Climate Science Program

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Ralph Ackerman



Office: 601 Science II

Phone: 515-294-8676








Department: Ecology, Evolution & Organismal Biology

Research Interests: environmental and regulatory physiology of birds and reptiles

Brief description of current research:

Research in my laboratory is directed toward analyzing and understanding two processes: 1) transport processes involving the exchange of energy and materials within the organism and between the organism and the environment and 2) biological regulatory processes. Interest in these processes is directed toward understanding how the organism is adapted to its environment. The approach is typically interdisciplinary and employs both theoretical and experimental techniques to generate and test hypotheses. The current direction of activity in the laboratory is toward describing and understanding the environmental physiology of vertebrate embryos, especially reptile and bird embryos.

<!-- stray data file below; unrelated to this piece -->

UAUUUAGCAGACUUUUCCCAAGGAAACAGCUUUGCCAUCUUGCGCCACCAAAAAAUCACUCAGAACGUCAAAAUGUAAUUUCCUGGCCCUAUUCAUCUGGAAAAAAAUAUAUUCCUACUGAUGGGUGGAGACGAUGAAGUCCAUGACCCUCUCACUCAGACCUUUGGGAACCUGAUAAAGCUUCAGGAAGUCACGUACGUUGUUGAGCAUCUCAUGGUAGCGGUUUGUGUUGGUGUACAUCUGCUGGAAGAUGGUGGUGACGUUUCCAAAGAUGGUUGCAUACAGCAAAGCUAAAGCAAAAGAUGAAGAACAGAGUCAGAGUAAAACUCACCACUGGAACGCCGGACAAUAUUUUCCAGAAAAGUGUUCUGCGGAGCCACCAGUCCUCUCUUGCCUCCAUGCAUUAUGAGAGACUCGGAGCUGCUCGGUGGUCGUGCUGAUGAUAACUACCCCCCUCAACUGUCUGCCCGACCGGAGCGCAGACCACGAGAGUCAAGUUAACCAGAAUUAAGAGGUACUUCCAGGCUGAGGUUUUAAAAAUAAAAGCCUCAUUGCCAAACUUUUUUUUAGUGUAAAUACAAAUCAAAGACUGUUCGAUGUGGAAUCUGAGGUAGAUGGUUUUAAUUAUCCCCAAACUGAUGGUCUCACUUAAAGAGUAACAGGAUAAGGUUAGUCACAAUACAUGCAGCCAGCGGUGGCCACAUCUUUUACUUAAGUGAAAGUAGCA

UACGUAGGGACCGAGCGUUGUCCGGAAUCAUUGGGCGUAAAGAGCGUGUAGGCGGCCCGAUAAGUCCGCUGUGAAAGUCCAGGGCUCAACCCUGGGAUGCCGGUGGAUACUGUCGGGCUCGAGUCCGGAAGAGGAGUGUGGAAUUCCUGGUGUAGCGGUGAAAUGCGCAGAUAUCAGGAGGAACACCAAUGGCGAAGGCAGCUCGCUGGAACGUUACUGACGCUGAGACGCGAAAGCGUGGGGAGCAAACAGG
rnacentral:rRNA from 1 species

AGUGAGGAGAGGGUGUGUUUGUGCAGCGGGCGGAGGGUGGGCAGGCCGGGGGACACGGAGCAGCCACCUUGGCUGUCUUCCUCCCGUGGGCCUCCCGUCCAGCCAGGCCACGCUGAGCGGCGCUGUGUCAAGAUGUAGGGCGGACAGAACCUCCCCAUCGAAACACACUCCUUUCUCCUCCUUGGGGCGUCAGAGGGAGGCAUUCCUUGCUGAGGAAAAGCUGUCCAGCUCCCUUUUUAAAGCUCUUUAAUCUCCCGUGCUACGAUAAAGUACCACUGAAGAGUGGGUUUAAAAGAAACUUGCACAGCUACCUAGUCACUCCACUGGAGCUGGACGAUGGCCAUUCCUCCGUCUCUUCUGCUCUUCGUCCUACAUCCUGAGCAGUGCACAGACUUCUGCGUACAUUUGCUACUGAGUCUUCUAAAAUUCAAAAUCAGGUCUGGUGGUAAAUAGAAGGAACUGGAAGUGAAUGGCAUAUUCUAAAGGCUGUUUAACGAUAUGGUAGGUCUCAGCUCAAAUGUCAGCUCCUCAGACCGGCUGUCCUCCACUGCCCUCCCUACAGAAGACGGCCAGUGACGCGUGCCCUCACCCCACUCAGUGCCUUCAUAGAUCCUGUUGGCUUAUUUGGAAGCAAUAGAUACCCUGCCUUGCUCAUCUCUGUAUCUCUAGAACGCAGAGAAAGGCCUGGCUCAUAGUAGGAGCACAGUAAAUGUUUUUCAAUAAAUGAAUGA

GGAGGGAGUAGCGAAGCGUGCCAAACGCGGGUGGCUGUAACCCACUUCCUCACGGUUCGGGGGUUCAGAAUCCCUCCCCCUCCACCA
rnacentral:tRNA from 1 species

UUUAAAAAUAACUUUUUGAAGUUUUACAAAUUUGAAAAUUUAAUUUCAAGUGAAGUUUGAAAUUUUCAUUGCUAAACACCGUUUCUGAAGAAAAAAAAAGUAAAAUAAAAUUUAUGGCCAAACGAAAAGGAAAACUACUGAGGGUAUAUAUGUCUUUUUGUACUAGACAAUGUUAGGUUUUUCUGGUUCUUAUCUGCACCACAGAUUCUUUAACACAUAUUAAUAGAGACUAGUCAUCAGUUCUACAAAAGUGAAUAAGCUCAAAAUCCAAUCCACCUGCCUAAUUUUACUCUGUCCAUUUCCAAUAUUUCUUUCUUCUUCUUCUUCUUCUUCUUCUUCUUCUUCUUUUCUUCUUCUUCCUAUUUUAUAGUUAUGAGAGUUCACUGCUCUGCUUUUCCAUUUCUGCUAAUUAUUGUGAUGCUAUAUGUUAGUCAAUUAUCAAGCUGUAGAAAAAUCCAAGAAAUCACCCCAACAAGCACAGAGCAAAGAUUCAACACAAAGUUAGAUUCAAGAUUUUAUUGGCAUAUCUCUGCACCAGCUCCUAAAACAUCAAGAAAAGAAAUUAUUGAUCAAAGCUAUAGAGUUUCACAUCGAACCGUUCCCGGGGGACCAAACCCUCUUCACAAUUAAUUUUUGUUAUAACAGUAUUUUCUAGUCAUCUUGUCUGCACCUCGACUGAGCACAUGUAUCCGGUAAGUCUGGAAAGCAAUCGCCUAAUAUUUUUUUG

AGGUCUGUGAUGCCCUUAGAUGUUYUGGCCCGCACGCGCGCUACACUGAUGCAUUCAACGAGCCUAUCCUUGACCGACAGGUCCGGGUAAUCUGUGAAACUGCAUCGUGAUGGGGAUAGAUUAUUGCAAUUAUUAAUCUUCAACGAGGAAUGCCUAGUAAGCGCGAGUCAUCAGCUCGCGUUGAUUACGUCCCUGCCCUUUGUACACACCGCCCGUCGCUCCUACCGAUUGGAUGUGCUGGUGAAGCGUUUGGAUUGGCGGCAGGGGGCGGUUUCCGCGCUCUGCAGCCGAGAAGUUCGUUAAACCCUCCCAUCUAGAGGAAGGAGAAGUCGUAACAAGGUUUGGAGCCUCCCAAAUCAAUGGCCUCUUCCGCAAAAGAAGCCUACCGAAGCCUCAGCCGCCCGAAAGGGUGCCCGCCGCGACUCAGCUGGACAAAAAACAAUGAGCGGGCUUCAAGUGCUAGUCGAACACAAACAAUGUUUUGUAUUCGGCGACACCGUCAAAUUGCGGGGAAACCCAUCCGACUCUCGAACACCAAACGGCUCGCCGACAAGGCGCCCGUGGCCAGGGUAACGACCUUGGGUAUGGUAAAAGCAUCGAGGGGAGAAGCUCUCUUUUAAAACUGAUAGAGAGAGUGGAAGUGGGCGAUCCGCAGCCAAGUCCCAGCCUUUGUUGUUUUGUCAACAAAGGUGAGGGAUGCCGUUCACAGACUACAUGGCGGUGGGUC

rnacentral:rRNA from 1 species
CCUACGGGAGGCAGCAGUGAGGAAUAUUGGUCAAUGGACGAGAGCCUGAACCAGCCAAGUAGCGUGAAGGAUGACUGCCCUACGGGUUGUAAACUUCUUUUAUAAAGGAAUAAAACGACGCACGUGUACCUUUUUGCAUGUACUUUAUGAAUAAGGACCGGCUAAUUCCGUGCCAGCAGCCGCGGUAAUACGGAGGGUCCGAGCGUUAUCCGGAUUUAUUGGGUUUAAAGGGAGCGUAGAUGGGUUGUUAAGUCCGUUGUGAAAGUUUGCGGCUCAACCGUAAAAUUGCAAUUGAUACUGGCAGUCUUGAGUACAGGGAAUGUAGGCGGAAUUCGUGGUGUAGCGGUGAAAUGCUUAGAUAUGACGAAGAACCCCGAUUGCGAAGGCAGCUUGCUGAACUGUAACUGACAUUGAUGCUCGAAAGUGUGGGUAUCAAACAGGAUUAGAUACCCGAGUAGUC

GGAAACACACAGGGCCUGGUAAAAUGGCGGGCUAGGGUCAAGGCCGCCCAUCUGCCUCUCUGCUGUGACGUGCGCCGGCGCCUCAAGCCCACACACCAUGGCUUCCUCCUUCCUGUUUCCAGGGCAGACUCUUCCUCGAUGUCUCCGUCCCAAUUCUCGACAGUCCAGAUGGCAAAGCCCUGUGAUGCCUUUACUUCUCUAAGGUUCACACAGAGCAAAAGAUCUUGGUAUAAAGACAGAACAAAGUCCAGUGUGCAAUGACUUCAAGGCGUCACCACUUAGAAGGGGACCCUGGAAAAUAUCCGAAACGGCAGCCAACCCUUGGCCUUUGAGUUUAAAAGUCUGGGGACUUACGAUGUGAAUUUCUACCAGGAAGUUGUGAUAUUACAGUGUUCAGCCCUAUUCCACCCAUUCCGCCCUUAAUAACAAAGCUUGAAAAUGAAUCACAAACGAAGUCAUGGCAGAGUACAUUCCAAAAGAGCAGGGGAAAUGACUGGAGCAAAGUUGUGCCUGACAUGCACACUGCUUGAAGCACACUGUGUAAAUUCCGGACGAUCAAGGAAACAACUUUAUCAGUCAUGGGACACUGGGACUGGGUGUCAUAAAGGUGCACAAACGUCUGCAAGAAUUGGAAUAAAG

Recent publications:

Rimkus, T. A., Hruska, N., and R. A. Ackerman, 2002: Separating the effects of vapor pressure and heat exchange on water exchange by snapping turtle (Chelydra serpentina) eggs. Copeia, 3, 706-715.